In the 2010s, if a single woman goes home with a man and decides to stay the night, we don’t really think about that. Did they have sex? We don’t know. It’s not our business, and that’s the way it should be. Maybe she’ll go home the next morning and text all her friends about this great guy she hooked up with last night and banter about how to ask him on a second date, or maybe she’ll keep it to herself and never call him again, or some mixture of the two. Most of us don’t care, do we? No. A select few, however, like to hold onto those classic, wholesome, American values.
In the 1940s, an unchaperoned woman staying the night at a man’s house is a fucking SCANDAL. She’s a whore! A WHORE I TELL YOU! I bet she has syphilis. I bet she’s had abortions. I bet she pisses on the cross and reports everything back to the Soviets or the Japanese! And as you’re reading that, I hope you’re either offended or laughing at the ludicrous nature of those accusations: both are correct responses. In the 1940s, that was a woman’s reality, though. As a result, “putting up a fight” or “playing coy” was not just an art form used to flirt with men, it was a necessity to maintain your reputation as a good girl.
It’s here, in this scope of reality that many a woman lived through, that we set the scene for this classic Christmas song. A woman likes a man, maybe they’re dating and maybe not, but she’s having a nice time and she wants to stay. The problem is, as the song details, a lot of people are going to talk about it. Her mother will worry, because she’s out and people will talk. Her father will pace the floor, because no one can deflower his daughter without a white dress and a legal document. The neighbors might think— that’s right, they’re gonna think she’s a whore. Her sister will suspect, her brother will be waiting for her like some kind of disciplinarian, her aunt’s mind is vicious and she’s a fucking gossip because she’s a spinster with nothing better to do. All this weighs on her mind, because there’s bound to be talk, but maybe she’ll have half a drink more.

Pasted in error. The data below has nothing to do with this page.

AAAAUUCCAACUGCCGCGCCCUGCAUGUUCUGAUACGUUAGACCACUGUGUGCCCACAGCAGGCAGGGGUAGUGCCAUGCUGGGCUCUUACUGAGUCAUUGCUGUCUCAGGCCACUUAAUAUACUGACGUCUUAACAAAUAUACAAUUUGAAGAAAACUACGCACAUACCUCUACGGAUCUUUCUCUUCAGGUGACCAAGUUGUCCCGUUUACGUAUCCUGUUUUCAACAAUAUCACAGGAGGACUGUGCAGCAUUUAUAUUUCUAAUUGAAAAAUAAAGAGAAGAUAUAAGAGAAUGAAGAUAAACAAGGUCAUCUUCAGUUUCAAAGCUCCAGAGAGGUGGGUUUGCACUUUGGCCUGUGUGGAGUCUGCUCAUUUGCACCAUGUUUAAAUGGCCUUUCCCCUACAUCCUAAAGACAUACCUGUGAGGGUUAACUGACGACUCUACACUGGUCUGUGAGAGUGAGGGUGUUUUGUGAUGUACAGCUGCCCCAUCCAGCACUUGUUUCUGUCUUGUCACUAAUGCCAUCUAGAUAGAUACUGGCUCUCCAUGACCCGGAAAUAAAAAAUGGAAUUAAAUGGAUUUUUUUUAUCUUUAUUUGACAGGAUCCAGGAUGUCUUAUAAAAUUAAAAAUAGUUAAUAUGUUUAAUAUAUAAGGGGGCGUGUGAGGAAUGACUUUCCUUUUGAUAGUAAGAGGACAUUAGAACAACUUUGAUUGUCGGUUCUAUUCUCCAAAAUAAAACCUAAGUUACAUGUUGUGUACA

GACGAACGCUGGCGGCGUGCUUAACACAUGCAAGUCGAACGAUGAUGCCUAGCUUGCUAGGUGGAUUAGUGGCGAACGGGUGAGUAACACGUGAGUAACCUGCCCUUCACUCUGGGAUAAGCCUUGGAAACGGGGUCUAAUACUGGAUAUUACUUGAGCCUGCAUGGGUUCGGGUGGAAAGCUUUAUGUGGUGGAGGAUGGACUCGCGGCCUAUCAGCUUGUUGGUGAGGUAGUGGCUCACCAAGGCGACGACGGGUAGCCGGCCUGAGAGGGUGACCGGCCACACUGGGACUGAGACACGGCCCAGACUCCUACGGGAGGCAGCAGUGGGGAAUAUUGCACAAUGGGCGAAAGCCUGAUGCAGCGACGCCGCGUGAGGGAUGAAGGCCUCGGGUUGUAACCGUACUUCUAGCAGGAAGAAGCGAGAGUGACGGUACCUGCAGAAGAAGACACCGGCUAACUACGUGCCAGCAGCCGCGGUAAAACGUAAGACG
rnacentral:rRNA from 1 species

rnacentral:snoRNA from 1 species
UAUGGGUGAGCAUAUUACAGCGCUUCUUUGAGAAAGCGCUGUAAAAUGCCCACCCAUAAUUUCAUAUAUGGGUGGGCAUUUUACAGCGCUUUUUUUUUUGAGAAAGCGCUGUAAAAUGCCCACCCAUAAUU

THE DRINKING! Let’s talk about the drinking. Prohibition ended in 1933, and if there’s one thing Americans are great at, it’s drinking, doing something stupid, and blaming it on being drunk. The 1940s and women are no exception, but in the 1940s it was a running joke to say “what’s in this drink” when you’re doing something you shouldn’t be doing. If you’re sitting around with your gal pals later and gossiping about something you shouldn’t have done, you blame it on the drink, they giggle, and everyone knows you didn’t need to be drunk to do it. We have jokes like this now. I, personally, accuse everyone I work with of being on crack every single time they do something stupid. Do I think they’re on crack? Nah. Will people know that in 74 years? Maybe not, because I come from a time when crack was a thing, so why would I joke about it? Because it’s fun to accuse people of using crack, obviously.
So let’s put this all together. Someone out there thinks Baby, It’s Cold Outside is a song about possibly drugging a woman, then coercing her to stay and have sex against her better judgement and/or will. No. It’s a song about a sexually repressed woman, who’s having a nice time, and in spite of all the gossip and possible repercussions of the act, she says she must go, in the most long, drawn out and flirty way possible, and then stays…. but at least she can say she tried, and blame it on maybe having too much to drink, whether they even drank alcohol or not.
This song is from 1944… and if you don’t recognize that so many things have changed in terms of women and sexuality, and what they’re allowed to want and do in 2018 that they would have been scorned, judged, and persecuted for in the 1940s. Yes, the wording is deceiving when taken at face value, but it’s not hard to sit for a moment and think about the context.
By the way… this song was written by a married man for he and his wife to perform, predominantly at parties, not by a single dude trying to figure out a way to coerce women into becoming another notch on his bedpost, like so many songs today….